Mitt Romney practiced polygamy? Now that is a stretch. It is amazing how nothing can be said against this president without liberals calling it a racist comment. I suppose, when a white man is president again, ( which btw , Obama is 1/2 white you must remember) then any black person who speaks against him will also be called racist. I disliked many things past presidents did, but never thought of it as being due to their color... or lack of it.

      May 14, 2012 at 9:52 am |
    • momoya

      Gaius makes STUPID comments.. LOL.

      May 14, 2012 at 9:57 am |
  15. Gene

    I prefer that the president lets us know where he stands rather than keep us guessing. I don't know much about his real beliefs.

    May 14, 2012 at 9:42 am |
  16. GauisCaesar

    I think equal rights would be to allow men to marry boys as well, or girls if they want. As long as they love each other. How are you gonna discriminate against 2 people that love each other just because it isn't that common for this to happen. It isn't fair that everyone else gets to marry and not a older dude and a younger dude/girl. That is a civil rights issue!

    May 14, 2012 at 9:40 am |
    • sam stone

      Gau: Really? Is that your argument? The issue is a consent. Children cannot consent under the law

      May 14, 2012 at 9:49 am |
    • momoya

      Because there's an age factor involved.. That's why.

      May 14, 2012 at 9:50 am |
    • GauisCaesar

      Sam Stone...now that gay marriage is decided in NC, it is a law too. Therefore,you can't claim civil rights.

      May 14, 2012 at 9:56 am |
    • momoya

      making something a law doesn't mean it's not a civil rights issue.. When slavery was legal, it was still an issue of civil rights.. You're just a fvcking moron, Gauis.

      May 14, 2012 at 10:00 am |
    • James PDX

      Gaius, you should marry your straw man, however, I should warn you, I think my may be gay.

      May 14, 2012 at 10:06 am |
  17. It comes down to this...

    When will people understand this is not a civil rights issue?
    If it is then we all have the civil right to do anything we want.
    We can change the meaning of murder.
    We can change the meaning of stealing.
    We can change the meaning of lying.
    Get the drift?

    May 14, 2012 at 9:39 am |
    • scott

      We get the drift that your comparisons are way off base, yes. Try making sense.

      May 14, 2012 at 9:42 am |
    • John Jacobson

      I'm sorry, but I do not see the logic in your statement. It seems to be a purely religious argument that makes no sense to rational human beings. The fact that you can support gay marriage does not mean that we can now do anything. Please try to support your argument with fact and not with innnuendo.

      May 14, 2012 at 9:47 am |
    • sam stone

      gosh, you have a f'ed set of ethics

      May 14, 2012 at 9:51 am |
    • JoeG

      Civil rights means equal rights under civil law. Your argument is nonsensical and off base. Replace "gay" and "straight" with "black" and "white". If it sounds discriminatory, it is a civil rights issue.

      May 14, 2012 at 9:52 am |
    • James PDX

      It Comes Down To This, the examples you listed are things that infringe on the rights of others, by depriving them of life, liberty, and the pursuit of happiness. Someone else's marriage dos not deprive you of any of these things, therefore it is a civil issue. I can show you how lying, theft and murder harm other people. Show me how two gay people marrying harms you.

      May 14, 2012 at 10:00 am |
    • TJB01

      Discrimination is based on things people do not have control over. Behavior is something we all discriminate against. It is not like skin color or gender.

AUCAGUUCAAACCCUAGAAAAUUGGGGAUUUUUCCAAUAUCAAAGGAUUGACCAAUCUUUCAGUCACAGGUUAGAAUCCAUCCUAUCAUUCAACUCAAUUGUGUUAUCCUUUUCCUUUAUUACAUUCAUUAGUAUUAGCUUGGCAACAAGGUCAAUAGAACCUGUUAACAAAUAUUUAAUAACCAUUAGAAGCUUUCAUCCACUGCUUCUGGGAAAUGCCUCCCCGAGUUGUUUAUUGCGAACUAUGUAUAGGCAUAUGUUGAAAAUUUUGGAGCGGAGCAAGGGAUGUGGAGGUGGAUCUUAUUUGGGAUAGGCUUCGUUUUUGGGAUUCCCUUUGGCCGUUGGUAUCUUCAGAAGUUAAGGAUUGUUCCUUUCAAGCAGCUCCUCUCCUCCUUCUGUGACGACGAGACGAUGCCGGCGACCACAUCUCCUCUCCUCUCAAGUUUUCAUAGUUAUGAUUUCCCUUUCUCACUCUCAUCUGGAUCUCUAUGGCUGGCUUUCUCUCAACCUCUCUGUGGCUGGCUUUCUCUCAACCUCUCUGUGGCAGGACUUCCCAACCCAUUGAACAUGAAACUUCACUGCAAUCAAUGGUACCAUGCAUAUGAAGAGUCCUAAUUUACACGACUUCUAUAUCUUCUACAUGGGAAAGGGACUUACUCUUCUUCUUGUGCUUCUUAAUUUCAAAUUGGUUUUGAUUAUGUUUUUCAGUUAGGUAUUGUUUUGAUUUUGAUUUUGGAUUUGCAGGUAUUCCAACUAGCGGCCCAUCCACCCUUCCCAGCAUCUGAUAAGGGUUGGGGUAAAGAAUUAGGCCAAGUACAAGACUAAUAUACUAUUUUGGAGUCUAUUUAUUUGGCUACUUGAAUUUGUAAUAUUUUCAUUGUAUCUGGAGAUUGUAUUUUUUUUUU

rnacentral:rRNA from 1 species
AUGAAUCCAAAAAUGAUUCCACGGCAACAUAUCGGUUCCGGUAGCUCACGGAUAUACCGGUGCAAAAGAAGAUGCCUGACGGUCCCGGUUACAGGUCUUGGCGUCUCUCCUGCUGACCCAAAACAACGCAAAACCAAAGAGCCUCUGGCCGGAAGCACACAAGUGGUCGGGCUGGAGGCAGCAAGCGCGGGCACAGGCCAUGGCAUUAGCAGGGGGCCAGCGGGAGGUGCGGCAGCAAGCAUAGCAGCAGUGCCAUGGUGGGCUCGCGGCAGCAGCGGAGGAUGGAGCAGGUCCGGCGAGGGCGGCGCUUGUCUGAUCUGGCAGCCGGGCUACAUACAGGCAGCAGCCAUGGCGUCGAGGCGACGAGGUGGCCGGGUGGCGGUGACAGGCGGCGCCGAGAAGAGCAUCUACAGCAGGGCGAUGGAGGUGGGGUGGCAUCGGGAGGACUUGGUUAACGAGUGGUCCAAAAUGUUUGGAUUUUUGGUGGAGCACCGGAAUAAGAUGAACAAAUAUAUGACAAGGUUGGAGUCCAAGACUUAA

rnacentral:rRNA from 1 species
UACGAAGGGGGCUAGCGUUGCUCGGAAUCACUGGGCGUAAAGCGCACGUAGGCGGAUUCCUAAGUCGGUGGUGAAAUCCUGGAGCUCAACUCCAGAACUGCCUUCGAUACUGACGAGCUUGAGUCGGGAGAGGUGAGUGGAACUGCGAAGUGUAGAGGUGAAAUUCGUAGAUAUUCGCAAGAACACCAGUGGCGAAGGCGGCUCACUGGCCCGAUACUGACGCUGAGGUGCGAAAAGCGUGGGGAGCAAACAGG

May 14, 2012 at 10:12 am |
  18. cptpooppants


    May 14, 2012 at 9:38 am |
  19. ton

    Black people are not alone. Many people do not support this and like things the way they are and find this to be a diversion from the real issues

    May 14, 2012 at 9:31 am |
    • Cyn

      I agree, but it will make no difference in the long run. Like sheeple, they will flock to their messiah in the end. Obama can do no wrong , in their eyes. It is sad to see others compromising their morals and their beliefs for color alone.

      May 14, 2012 at 9:46 am |
    • livingston

      Many people also liked the slavery and the segregation of blacks and denying the vote to women. Just because many people like something the way it is doesn't make it right.

      May 14, 2012 at 9:47 am |
    • James PDX

      Many people liked the Old Testament, but then God completely changed the entire religion. I don't see you complaining that you can no longer be stoned to death for just about everything.

      May 14, 2012 at 10:04 am |
  20. mirrorview

    I can support the right to marriage but my issue is tax benefits and additional dependants on a companys health care program.
    When adding your spouse to a companys HC plan was created it was when most women stayed at home and raised children. Since gay couples cannot pro-create without (adoption or medical help) I can't support the free ride mentality.
    If HC is across the board equal (meaning we all pay the same and can upgrade if we choose) then I can support the right to marriage.

    May 14, 2012 at 9:30 am |
    • livingston

      To follow that thought through you also need to deny coverage to infertile couples. They also can not procreate. What do you want now? Fertility tests before health care coverage?

      May 14, 2012 at 9:51 am |
    • myweightinwords

      And if a gay couple does have children and one of them chooses to stay home and raise the kids? What then? They get coverage?

      Or the older couple well past their child bearing years, should the stay at home wife be dropped from her husband's coverage because she is no longer raising children? Or the infertile couple? Or those who chose to remain child free?

      And, you do realize that most company health plans require you to PAY for the spouse's coverage, right? I mean, where I work, I pay $50 every paycheck for MY health insurance. If I were to marry and put my spouse on my plan, that cost would rise significantly.

      May 14, 2012 at 10:47 am |
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About this blog

The CNN Belief Blog covers the faith angles of the day's biggest stories, from breaking news to politics to entertainment, fostering a global conversation about the role of religion and belief in readers' lives. It's edited by CNN's Daniel Burke with contributions from Eric Marrapodi and CNN's worldwide news gathering team.